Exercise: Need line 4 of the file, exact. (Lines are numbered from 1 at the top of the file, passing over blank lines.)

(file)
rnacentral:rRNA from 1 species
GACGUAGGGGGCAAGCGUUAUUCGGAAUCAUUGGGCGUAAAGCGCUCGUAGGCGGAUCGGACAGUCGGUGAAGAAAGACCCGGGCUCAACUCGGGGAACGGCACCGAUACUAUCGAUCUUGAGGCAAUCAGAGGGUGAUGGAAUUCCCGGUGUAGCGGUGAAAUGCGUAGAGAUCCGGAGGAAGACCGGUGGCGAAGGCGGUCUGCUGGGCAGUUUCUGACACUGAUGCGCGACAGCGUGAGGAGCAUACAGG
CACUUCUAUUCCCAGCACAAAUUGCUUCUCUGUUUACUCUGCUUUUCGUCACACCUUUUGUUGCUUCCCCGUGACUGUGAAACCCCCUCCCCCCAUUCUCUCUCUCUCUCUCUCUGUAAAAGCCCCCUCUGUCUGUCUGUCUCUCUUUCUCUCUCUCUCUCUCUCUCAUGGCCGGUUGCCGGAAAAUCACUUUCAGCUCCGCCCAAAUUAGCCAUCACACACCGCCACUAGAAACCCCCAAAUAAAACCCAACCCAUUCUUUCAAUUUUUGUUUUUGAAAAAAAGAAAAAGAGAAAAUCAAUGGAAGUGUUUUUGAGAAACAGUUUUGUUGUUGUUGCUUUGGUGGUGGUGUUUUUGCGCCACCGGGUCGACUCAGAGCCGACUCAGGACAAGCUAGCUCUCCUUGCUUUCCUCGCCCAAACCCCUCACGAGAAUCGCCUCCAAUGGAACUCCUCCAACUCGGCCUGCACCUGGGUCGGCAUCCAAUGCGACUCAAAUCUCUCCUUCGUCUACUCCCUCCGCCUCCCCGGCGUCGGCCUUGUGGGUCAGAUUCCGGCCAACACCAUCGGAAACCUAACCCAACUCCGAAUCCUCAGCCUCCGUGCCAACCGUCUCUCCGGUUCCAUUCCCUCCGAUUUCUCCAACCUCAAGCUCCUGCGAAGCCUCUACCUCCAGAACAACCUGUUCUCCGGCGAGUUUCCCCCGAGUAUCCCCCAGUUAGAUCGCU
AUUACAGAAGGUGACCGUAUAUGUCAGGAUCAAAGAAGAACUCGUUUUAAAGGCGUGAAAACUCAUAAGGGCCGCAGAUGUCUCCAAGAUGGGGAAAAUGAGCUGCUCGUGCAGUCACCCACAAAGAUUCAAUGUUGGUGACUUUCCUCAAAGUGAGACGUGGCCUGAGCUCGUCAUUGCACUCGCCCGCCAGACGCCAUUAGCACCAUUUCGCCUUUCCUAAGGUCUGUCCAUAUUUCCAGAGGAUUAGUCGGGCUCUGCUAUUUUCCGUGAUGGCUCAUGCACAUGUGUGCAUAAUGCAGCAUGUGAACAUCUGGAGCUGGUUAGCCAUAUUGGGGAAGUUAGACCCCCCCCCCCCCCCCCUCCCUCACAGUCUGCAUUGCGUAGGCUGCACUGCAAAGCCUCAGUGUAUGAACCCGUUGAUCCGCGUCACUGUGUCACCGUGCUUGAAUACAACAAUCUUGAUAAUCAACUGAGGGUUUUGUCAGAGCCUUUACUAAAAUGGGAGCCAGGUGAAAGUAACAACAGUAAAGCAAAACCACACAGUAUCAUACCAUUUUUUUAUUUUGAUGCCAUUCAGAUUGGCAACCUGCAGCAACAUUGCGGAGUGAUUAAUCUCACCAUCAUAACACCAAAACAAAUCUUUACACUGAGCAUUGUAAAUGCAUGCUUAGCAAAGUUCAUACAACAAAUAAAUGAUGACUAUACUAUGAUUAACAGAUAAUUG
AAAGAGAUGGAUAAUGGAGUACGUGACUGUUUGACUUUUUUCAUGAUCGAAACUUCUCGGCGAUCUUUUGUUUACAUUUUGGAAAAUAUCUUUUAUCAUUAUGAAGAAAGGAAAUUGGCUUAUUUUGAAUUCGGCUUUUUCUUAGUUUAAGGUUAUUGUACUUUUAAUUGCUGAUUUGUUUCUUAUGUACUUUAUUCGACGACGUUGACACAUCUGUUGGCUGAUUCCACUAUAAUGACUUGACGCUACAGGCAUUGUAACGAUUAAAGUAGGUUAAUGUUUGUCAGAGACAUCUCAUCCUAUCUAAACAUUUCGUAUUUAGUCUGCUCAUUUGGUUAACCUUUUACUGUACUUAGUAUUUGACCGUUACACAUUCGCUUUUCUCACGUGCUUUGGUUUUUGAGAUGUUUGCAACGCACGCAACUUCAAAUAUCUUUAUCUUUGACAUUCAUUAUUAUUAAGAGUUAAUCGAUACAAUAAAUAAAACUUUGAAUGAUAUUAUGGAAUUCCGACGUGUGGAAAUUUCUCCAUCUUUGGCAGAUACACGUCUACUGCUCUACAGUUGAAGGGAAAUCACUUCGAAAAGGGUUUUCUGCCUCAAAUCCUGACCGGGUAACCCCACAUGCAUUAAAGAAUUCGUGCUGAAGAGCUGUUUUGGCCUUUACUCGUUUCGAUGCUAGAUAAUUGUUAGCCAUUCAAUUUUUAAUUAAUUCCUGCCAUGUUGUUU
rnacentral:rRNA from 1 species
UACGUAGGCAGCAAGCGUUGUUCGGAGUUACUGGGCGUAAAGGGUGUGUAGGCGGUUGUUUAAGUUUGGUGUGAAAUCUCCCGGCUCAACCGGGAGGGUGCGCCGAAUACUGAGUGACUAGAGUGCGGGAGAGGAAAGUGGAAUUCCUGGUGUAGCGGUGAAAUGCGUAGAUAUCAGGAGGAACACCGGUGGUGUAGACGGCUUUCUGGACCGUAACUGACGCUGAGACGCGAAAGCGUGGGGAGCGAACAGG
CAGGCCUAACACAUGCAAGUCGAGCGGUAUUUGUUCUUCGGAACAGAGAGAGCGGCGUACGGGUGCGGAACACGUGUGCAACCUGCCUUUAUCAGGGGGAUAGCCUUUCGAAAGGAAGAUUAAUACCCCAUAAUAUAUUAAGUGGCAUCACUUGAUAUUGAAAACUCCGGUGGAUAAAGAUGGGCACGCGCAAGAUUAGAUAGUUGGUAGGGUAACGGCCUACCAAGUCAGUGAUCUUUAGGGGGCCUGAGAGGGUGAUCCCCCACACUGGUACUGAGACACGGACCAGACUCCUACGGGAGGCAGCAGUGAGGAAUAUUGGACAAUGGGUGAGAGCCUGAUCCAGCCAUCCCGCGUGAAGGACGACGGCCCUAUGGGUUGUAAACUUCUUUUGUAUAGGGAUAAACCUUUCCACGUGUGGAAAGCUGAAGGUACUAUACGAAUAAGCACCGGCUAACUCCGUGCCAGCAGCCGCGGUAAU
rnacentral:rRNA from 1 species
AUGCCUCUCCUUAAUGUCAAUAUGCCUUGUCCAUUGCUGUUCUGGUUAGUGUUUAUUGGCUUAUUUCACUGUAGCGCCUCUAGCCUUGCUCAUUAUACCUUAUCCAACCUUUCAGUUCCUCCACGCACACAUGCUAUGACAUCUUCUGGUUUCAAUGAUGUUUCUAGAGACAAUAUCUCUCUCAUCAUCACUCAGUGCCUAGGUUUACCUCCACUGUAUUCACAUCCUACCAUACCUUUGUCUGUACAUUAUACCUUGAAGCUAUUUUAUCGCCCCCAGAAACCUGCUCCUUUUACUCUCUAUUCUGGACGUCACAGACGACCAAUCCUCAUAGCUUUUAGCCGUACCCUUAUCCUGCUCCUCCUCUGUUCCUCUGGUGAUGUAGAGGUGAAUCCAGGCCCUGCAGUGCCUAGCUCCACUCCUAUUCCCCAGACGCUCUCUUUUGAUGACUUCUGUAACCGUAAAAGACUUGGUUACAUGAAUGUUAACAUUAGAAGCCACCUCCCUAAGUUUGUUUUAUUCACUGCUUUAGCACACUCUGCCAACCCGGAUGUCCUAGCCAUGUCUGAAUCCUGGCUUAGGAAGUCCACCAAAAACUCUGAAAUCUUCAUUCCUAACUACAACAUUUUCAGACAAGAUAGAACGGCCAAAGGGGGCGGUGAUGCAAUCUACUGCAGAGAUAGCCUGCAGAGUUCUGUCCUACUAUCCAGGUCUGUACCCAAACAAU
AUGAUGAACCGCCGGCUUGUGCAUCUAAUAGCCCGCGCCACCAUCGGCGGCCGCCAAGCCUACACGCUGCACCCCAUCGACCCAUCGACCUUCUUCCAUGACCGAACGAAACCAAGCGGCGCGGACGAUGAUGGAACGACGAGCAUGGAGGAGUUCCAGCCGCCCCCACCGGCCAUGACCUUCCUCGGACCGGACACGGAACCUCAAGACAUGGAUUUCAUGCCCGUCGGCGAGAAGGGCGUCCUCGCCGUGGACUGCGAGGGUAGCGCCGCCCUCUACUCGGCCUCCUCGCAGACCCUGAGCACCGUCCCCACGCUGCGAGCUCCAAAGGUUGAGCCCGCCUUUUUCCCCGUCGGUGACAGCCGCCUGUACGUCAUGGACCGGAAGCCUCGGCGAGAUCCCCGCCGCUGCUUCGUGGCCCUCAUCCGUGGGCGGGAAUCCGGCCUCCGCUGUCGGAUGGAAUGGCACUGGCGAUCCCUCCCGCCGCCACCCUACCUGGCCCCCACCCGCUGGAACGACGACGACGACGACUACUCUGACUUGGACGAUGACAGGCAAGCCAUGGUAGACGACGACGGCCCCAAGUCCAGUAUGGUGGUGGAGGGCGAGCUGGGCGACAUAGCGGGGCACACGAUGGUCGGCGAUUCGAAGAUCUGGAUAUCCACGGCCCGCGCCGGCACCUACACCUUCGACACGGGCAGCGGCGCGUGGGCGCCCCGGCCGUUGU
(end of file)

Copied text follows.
AUUACAGAAGGUGACCGUAUAUGUCAGGAUCAAAGAAGAACUCGUUUUAAAGGCGUGAAAACUCAUAAGGGCCGCAGAUGUCUCCAAGAUGGGGAAAAUGAGCUGCUCGUGCAGUCACCCACAAAGAUUCAAUGUUGGUGACUUUCCUCAAAGUGAGACGUGGCCUGAGCUCGUCAUUGCACUCGCCCGCCAGACGCCAUUAGCACCAUUUCGCCUUUCCUAAGGUCUGUCCAUAUUUCCAGAGGAUUAGUCGGGCUCUGCUAUUUUCCGUGAUGGCUCAUGCACAUGUGUGCAUAAUGCAGCAUGUGAACAUCUGGAGCUGGUUAGCCAUAUUGGGGAAGUUAGACCCCCCCCCCCCCCCCCUCCCUCACAGUCUGCAUUGCGUAGGCUGCACUGCAAAGCCUCAGUGUAUGAACCCGUUGAUCCGCGUCACUGUGUCACCGUGCUUGAAUACAACAAUCUUGAUAAUCAACUGAGGGUUUUGUCAGAGCCUUUACUAAAAUGGGAGCCAGGUGAAAGUAACAACAGUAAAGCAAAACCACACAGUAUCAUACCAUUUUUUUAUUUUGAUGCCAUUCAGAUUGGCAACCUGCAGCAACAUUGCGGAGUGAUUAAUCUCACCAUCAUAACACCAAAACAAAUCUUUACACUGAGCAUUGUAAAUGCAUGCUUAGCAAAGUUCAUACAACAAAUAAAUGAUGACUAUACUAUGAUUAACAGAUAAUUG